After you have the small parts from the piece to practice, try to identify the parts that are most challenging and where you make the majority of mistakes. This way, you know which parts deserve the most practice and dedication.
This method allows you to use your practice time more efficiently and accelerate your progress while improving your accuracy.
Choose Songs at Your Level
Another important thing to consider is choosing the right songs to play. You shouldn’t pick an advanced song as a beginner and expect to play it without making any mistakes.
If you are struggling with choosing which songs you should practice, you can read this article on How to Pick the Best Songs To Practice. Picking the right songs is crucial for playing with fewer mistakes, so I highly recommend that you check out the article to supplement this one.
Generally, it’s not a good idea to learn the songs above your level, because you might not yet be ready to handle the technical difficulties of that song. Playing the advanced pieces will not only lead to more mistakes but will also cause injuries due to the lack of proper technique and finger strength.
Instead of working very hard on one advanced piece, try to choose something that is both in your level yet challenging enough to improve your technique.
These articles may help you see some of the songs you can start learning as a beginner:
Record Yourself While Playing
Recording yourself playing is a great way to increase your accuracy for several reasons.
The first one is that it helps you learn to control your adrenaline level. Recording yourself has a similar effect on the body and piano playing in terms of adrenaline increase with playing for other people. That’s why recording your playing is a great practice to reduce the anxiety caused by nerves.
Another benefit is that it allows you to see and analyze your mistakes, posture, poor technique, and musicality. If you are learning the piano alone, I can’t recommend you enough to do this, because it is the best method for self-checking and correcting your mistakes.
ArtistWorks is an amazing online piano course that operates based on a video-exchange system. When you enroll in the course, you get access to their course curriculum and video-exchange library. The video exchange library is where you can send your videos to the instructors and get an instant response again in the form of video, which is incredibly helpful to increase your accuracy of playing and receive more effective feedbacks.
You can read my review of the ArtistWorks piano course here.
Forget Your Prior Mistakes and Keep Playing
Sometimes we can’t help making a mistake, but we can stop making more by leaving that mistake behind and focusing on the rest of the piece, especially when we are performing for a crowd.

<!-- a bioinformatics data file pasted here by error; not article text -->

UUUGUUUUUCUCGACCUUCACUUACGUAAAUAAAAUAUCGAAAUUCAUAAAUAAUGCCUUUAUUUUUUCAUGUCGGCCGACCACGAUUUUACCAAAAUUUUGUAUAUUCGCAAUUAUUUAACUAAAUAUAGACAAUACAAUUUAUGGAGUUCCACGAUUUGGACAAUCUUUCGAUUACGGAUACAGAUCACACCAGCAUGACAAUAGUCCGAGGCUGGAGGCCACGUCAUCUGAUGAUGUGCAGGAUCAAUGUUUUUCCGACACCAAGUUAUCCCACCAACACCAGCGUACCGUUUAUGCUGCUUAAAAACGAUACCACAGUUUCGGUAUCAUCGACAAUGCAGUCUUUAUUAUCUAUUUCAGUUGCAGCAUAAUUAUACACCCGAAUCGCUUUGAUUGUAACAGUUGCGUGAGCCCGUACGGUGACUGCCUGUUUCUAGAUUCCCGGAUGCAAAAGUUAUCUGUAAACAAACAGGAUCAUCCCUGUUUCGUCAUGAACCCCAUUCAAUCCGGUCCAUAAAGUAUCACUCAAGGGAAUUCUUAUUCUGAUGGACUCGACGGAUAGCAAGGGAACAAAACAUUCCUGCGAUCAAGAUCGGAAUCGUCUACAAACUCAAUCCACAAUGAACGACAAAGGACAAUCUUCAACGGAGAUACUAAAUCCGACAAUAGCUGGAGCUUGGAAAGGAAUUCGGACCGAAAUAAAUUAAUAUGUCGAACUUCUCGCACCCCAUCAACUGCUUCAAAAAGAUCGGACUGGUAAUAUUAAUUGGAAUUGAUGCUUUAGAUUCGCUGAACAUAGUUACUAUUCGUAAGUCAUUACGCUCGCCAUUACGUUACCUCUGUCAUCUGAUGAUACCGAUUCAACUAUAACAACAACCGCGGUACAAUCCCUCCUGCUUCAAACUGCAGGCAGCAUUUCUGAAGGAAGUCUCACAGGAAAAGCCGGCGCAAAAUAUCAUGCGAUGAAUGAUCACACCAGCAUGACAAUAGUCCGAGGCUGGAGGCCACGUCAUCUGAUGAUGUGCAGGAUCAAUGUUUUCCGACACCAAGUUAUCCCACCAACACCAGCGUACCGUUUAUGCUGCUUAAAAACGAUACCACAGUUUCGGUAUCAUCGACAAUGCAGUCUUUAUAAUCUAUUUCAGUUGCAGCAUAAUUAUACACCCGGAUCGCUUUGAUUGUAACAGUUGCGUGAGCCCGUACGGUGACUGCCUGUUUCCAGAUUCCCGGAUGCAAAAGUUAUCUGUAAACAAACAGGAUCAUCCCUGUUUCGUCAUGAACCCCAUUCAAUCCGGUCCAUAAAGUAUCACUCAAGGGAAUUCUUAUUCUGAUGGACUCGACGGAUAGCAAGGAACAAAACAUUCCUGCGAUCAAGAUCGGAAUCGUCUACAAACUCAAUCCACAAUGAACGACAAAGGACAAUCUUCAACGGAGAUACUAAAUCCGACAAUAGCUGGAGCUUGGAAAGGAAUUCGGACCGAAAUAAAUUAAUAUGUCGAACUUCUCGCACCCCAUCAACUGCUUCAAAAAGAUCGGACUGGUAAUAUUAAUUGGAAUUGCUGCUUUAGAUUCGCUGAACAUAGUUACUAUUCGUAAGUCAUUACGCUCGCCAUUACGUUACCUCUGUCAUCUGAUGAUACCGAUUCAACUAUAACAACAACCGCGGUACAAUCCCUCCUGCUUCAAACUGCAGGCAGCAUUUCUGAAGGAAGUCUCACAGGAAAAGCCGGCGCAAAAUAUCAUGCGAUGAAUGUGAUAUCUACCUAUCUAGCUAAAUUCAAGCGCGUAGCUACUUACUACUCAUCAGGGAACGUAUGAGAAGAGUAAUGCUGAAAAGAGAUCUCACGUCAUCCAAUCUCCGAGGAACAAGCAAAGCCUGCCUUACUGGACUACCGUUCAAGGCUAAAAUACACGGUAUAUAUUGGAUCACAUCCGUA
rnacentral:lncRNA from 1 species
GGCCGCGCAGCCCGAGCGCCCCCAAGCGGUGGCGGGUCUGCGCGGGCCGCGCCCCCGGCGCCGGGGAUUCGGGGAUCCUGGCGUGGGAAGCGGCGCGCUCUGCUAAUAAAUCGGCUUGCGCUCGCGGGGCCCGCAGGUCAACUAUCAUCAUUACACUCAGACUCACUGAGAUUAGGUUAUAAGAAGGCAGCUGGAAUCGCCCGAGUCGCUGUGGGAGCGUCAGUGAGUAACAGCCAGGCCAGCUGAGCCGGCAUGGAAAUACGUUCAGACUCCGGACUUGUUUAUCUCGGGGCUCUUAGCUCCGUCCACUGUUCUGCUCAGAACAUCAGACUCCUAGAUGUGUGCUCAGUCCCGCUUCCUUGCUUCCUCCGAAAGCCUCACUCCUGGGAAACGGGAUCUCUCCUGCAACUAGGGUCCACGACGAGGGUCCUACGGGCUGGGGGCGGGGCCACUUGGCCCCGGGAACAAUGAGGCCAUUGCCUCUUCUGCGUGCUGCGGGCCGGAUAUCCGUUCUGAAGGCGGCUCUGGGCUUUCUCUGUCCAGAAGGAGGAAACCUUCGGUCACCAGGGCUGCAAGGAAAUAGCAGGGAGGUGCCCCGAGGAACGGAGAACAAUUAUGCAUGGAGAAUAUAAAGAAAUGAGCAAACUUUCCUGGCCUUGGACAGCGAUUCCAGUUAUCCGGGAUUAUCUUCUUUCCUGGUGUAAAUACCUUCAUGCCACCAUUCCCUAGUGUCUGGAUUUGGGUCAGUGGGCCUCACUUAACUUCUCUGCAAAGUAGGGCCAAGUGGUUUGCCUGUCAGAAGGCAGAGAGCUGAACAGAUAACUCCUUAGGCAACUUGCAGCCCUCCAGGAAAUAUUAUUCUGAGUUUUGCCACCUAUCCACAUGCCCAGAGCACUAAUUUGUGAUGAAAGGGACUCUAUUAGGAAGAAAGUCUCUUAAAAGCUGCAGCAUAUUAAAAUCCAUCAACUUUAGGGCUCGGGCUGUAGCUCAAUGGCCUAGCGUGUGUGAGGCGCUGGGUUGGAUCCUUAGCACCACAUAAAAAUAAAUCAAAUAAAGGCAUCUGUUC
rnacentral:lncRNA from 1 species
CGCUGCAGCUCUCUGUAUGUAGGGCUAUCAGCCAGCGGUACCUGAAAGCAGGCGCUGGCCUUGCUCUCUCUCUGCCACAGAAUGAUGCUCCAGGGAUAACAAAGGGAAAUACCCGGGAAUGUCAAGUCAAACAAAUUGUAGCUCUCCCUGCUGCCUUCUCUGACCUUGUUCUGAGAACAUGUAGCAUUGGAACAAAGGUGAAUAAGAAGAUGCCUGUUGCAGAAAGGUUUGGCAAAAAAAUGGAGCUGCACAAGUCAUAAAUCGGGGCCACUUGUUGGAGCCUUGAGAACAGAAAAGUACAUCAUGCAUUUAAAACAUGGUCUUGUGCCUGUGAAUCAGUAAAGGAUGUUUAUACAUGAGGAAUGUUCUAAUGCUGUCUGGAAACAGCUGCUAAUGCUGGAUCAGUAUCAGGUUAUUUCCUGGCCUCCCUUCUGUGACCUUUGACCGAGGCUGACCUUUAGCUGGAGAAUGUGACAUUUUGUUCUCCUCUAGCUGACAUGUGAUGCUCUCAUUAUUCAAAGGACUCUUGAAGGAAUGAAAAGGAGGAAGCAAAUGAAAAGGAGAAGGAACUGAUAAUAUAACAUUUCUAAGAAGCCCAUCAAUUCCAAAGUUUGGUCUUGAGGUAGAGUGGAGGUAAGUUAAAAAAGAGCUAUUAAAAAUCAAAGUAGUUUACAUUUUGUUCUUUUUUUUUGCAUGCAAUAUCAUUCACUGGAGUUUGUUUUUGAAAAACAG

I saw many piano players on stage that stopped playing in the middle of their performance and leave the stage crying, just because they couldn’t leave their prior mistakes behind. When you keep thinking about the wrong note that you pressed at the beginning of the performance, you will likely to make even more mistakes as you play, because you won’t be able to focus on your current performance with your full attention.
Do not let some little mistakes ruin your whole performance. People generally don’t even realize those small mistakes unless they are professional musicians, so it doesn’t make sense to sacrifice the whole piece for those little mistakes.
When you make a mistake in performance, try to keep playing as nothing happened so that you can prevent potential mistakes you’ll make.
Warm-Up Before Playing
If you don’t generally warm up your hands and start your practice session directly by playing the pieces, I’m asking you to stop. Missing the warm-up may cause serious injuries such as carpal tunnel, especially if you are an adult.
Warming-up does not only prepare your fingers and hands for better playing, but it also helps your brain to get into the mood of practicing, which is essential for the accuracy of playing.
The warm-up session doesn’t have to last long, and the length of the warm-up session isn’t a significant factor for accuracy at all. What is important is consistency. Even if you are warming up for 5 minutes, you should keep doing this before all your practices and performances.
Playing some scales and arpeggios is a good way to warming up. You may also improvise or play some light songs that don’t require warm and prepared fingers. If you are new to learning scales, you can read this article to see Which Piano Scales You Should Learn First as a Beginner.
You can check out this video from Pianote to see how you can warm up in only 3 minutes.
Do Not Consciously Think About the Notes
If you already memorized the piece, you shouldn’t think about the notes you will play because it may cause you to mess up everything you know. Your brain knows what it is supposed to play and do during the performance, so there is no need to interfere in its job.
When you interfere in the muscle memory of your brain, your brain will end up getting confused, which will lead to mistakes.
Just try to go with the flow and trust your muscle memory if you’ve implemented everything on this list correctly.
I hope these tips will help you make fewer mistakes playing the piano.
One thing I want to mention is that even if you apply everything on this list, you might still make mistakes, which is absolutely normal. Everyone makes mistakes, even professional pianists.
The best step you can take to increase your piano accuracy is to practice with the right and effective methods, and not to worry too much about making everything sound perfect.
What do you think? What is the best method to avoid piano mistakes?
Let me know in the comments!